How To Drive On Ice, Tesla Model S-Style

Follow Antony

Mention snow and ice in relation to electric vehicles, and many people will first think of the impact of cold weather on driving range.

It's true that driving range will decrease in cold weather in most electric vehicles, but the way the car drives is important too.

For the Tesla Model S driver in the video above, the best way to discover how his vehicle handled was taking it to the ILR Winter Driving School in Minden, Ontario.

Icy surfaces and coned courses let owner Colin Bowern explore his Tesla's limit in total safety--not something that can always be guaranteed out on the roads.

Electric cars in winter: Ultimate guide

The Model S certainly looks graceful out on the ice, even during the occasional spin--but as the interview in the video from shows, there's plenty to learn about driving this particular electric vehicle in snow.

It isn't covered in great detail, but rear-wheel drive is a factor. Traditionally, front-engined, rear-drive cars aren't as well suited to snow due to a lack of traction over the rear axle. This shouldn't be too much issue for the S, which is a relatively heavy vehicle anyway with plenty of weight to push down on the trear tires--but a little too much gas and the car can quickly spin, as seen in the video.

The car's regenerative braking is discussed though. Typically, any braking movement on snow and ice should be as gentle as possible, to avoid upsetting a car's balance.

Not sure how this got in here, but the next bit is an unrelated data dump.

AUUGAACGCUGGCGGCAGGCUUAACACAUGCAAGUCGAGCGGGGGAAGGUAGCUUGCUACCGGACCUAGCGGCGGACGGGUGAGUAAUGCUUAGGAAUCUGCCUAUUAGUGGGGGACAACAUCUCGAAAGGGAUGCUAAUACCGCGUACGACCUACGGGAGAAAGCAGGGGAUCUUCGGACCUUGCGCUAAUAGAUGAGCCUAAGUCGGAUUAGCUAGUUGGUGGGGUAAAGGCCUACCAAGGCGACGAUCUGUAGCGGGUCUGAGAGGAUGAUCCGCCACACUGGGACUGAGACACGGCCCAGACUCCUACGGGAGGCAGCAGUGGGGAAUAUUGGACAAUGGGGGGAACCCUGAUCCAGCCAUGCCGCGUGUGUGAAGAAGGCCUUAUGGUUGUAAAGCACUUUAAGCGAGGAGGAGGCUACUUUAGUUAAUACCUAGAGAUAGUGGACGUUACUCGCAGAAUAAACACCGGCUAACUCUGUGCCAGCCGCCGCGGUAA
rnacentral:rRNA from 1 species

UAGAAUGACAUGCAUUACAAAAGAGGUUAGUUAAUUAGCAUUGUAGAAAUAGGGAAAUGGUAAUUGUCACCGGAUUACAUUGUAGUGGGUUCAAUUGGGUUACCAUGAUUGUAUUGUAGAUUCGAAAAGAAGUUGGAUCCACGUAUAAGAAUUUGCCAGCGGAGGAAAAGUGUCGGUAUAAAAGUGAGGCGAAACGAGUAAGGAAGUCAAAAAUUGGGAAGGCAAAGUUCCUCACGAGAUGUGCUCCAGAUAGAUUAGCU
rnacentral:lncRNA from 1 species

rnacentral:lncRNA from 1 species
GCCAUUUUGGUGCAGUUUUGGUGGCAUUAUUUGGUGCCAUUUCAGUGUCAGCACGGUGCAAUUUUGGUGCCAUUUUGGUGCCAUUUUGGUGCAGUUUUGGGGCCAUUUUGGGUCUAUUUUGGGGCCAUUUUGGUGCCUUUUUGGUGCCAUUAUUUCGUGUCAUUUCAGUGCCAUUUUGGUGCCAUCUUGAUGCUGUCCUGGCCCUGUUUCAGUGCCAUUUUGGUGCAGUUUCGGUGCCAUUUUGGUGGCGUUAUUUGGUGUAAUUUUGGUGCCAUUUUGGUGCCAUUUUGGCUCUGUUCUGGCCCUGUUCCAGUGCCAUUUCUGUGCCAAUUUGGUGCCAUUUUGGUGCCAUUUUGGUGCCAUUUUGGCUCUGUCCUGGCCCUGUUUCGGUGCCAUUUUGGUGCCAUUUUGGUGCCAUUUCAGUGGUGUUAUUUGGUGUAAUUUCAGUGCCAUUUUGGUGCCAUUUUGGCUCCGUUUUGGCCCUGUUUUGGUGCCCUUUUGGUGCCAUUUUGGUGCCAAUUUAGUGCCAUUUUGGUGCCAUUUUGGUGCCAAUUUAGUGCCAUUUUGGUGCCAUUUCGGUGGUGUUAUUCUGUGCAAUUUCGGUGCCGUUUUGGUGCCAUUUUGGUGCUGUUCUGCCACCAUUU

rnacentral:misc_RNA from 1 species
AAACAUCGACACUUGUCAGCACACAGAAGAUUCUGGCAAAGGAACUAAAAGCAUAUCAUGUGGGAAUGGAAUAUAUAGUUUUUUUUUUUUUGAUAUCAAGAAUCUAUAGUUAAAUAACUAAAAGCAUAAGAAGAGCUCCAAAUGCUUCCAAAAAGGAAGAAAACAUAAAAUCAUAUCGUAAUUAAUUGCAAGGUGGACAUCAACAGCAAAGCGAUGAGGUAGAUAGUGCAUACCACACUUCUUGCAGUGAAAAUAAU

Some electric vehicles have significant regenerative braking power. If used without care, the sudden braking effect can be akin to stomping on the brake pedal. On the rear-drive Tesla, it made the car go "squirrelly" when backing off, encouraging the rear of the car to rotate.

Electric cars in winter: Six steps to maximize driving range

The good news is, it's an issue that can be solved fairly easy--owner Bowern simply turns down the regenerative effect via the car's touchscreen controls.

He also mentions that a dedicated winter traction control mode will be available soon from Tesla, tailoring the electric motor's torque for better traction on snow and ice.

And, as with any vehicle, fitment of winter tires during the colder seasons will give owners of any electric vehicle a better chance of staying on the road.

But perhaps the best quote is that Bowern said driving his Model S makes him a better driver--since he naturally leaves more space between vehicles, drives more smoothly and avoids braking too hard--all techniques that help conserve energy, as well as improving winter driving.

Best way to drive an electric car on ice? Fix the nut behind the wheel...

[Hat tip: Brian Henderson]


Follow GreenCarReports on Facebook and Twitter.

Follow Us

Comments (11)
  1. "Best way to drive an electric car on ice? Fix the nut behind the wheel..."

    Ummm.. Isn't that the BEST way to safely drive ANY vehicle in ANY road condition? (Although I'm of the mindset: "Make anything idiot-proof and they just build better idiots!" ;-) )